IBS-D is a complicated condition

Several factors can affect the digestive system, but the exact cause of IBS-D is unknown. People may have IBS-D for more than 1 reason, and those reasons can be different for every person.

Ask your doctor what might be causing your abdominal pain, diarrhea, gas, or other symptoms of IBS-D. IBS-D could be a result of 1 or more possible causes:

Take a closer look at
the link between gut
microbiota
and IBS-D
symptoms.

Take a closer
look at the link
between gut
microbiota
and
IBS-D symptoms.

Imbalances in the gut microbiota

An imbalance in the usual numbers and proportions of normal healthy bacteria in the digestive system has been found in people with IBS-D. Your digestive system has trillions of bacteria and microorganisms, collectively called the microbiota, that are constantly working to keep your body functioning normally.

Causes of IBS-D: Gut Microbiota

The microbiota help you digest and absorb food and work with your immune system as a barrier against other microorganisms that can cause disease. One study showed that 73% of people with IBS had an imbalance in their gut microbiota, compared with only 16% of healthy people. An imbalance in the microbiota can be related to genetics, infection or disease, anxiety, diet, drug use, and other causes.

Causes of IBS-D: Gut Microbiota

Communication problems between the brain and the digestive system

There is a 2-way communication system between the brain and the digestive system, known as the gut-brain axis.

Normally, signals go back and forth between the brain and the digestive system to help your brain and body know when you have eaten enough, when to start digesting food, and when to have bowel movements.

Changes in these signals can cause problems on either the digestive or brain side, which may lead to stress, anxiety, depression, or symptoms such as pain or diarrhea.

Problems in the immune system

Activation of the immune system can cause inflammation that might result in symptoms of IBS-D.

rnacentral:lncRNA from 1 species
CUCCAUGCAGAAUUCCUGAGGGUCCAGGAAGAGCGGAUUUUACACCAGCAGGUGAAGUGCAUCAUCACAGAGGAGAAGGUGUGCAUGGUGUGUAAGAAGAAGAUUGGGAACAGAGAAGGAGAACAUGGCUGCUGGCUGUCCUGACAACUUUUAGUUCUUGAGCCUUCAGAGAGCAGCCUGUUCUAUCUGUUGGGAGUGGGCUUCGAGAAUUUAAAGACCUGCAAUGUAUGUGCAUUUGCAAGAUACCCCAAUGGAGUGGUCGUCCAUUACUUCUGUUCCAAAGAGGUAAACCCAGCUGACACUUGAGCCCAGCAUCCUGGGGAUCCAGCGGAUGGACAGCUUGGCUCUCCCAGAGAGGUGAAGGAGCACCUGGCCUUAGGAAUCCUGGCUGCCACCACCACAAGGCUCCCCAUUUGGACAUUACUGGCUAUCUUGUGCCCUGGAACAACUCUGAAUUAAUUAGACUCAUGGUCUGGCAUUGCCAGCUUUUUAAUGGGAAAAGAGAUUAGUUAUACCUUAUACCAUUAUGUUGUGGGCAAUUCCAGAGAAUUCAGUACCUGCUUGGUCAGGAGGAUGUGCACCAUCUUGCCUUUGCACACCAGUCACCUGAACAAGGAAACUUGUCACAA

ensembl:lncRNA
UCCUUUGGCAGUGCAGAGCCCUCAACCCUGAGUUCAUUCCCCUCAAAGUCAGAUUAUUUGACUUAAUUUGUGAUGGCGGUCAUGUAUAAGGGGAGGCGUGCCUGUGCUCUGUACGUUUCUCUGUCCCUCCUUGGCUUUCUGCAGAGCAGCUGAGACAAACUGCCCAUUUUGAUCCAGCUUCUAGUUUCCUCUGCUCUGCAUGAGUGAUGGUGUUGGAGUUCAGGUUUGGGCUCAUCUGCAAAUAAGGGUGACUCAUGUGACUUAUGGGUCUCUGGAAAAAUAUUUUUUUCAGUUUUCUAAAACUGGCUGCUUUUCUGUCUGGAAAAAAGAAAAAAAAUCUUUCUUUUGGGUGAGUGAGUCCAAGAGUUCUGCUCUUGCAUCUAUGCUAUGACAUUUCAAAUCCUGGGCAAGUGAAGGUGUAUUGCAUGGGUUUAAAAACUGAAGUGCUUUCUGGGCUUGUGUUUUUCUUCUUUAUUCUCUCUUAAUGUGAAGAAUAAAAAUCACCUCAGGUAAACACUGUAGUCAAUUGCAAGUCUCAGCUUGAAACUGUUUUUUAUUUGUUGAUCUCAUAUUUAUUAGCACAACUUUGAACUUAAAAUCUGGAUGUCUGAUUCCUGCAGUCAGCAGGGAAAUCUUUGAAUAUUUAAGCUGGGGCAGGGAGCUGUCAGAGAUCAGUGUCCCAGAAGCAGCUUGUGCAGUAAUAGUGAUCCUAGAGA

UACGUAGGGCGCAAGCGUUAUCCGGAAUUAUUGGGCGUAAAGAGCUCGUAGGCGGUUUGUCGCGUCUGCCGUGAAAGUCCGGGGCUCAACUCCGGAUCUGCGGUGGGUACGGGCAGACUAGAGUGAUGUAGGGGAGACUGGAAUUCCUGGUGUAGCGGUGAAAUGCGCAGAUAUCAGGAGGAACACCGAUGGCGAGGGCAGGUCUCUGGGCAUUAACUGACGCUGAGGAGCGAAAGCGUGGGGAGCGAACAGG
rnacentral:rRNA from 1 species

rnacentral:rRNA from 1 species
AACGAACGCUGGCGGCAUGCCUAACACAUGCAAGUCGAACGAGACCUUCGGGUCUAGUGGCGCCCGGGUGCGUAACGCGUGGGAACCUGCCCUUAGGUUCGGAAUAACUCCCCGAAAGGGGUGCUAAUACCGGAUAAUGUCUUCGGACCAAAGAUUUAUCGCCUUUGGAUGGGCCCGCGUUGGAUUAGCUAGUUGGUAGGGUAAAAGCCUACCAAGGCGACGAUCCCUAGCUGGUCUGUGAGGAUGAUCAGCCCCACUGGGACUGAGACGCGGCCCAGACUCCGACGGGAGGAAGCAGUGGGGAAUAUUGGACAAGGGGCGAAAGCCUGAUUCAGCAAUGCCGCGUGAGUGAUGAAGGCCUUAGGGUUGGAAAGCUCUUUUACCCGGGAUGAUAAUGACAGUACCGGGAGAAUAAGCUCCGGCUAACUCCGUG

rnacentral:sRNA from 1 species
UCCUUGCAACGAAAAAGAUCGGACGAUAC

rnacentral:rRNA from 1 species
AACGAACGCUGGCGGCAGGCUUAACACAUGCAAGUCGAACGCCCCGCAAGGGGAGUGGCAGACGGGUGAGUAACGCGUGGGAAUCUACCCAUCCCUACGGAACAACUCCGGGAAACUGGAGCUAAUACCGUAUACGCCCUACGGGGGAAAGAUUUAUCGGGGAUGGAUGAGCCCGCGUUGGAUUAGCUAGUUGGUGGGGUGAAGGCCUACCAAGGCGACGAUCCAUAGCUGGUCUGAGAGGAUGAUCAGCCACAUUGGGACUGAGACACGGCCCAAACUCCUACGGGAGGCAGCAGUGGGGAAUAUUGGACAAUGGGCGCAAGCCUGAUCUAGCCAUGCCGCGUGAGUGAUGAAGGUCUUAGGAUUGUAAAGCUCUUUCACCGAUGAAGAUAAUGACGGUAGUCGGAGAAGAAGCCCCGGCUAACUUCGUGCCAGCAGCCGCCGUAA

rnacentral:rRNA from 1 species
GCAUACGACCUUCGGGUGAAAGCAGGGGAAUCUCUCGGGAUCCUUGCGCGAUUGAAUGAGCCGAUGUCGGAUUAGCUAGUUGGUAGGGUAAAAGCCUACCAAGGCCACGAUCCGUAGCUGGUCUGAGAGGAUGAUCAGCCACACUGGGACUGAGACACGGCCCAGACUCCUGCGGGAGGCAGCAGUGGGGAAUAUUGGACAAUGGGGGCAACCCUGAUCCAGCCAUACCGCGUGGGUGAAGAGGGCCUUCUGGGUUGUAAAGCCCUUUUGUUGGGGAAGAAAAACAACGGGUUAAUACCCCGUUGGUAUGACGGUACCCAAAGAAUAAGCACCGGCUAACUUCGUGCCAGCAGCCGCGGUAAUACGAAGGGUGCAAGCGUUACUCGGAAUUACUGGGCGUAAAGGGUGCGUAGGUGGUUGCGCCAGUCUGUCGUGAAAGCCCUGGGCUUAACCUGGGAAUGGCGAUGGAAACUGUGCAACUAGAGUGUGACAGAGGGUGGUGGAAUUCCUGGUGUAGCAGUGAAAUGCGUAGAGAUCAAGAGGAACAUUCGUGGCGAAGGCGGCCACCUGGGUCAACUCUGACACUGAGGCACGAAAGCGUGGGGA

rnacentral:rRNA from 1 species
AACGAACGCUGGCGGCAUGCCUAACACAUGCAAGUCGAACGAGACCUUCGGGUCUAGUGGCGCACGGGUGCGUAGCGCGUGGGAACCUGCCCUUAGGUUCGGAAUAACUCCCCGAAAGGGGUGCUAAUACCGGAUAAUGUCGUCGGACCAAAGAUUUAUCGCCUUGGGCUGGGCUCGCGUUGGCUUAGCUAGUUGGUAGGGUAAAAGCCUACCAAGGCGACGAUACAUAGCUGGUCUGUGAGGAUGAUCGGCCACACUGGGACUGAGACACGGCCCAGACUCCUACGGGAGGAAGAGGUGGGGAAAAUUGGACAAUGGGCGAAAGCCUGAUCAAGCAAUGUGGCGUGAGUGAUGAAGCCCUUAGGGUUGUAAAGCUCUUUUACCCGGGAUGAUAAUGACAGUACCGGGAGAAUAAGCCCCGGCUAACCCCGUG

Your immune system is your body’s defense against disease. But if your immune system takes action in your digestive system—maybe because of an infection or stress—the lining of the digestive tract can become irritated and inflamed, causing pain and diarrhea.

Intestine Graphic: Immune System
Causes of IBS-D: DNA Strand

Family history (genetics and early childhood)

Certain genes associated with the immune system, inflammation, digestion, and psychiatric disease may be linked to IBS. Stress experienced in early childhood could also play a role.

People with family members who have IBS are more than twice as likely to develop IBS themselves.

Anxiety and/or depression

Many people with IBS-D feel depressed or anxious, but it can be difficult to determine if these feelings are a cause or a result of IBS-D.

Some factors associated with IBS-D can cause depression, anxiety, or other mood disorders. While other studies show that stress may cause changes in the gut microbiota and contribute to the symptoms of IBS-D.

Lightning Cloud Graphic: Anxiety
Causes of IBS-D Banner: Quote
“Learning that my IBS-D could be caused by
an imbalance of intestinal bacteria gives me
hope that my symptoms can be helped.
“Learning that my IBS-D could be
caused by an imbalance of intestinal
bacteria gives me hope that my
symptoms can be helped.

Not an actual patient.

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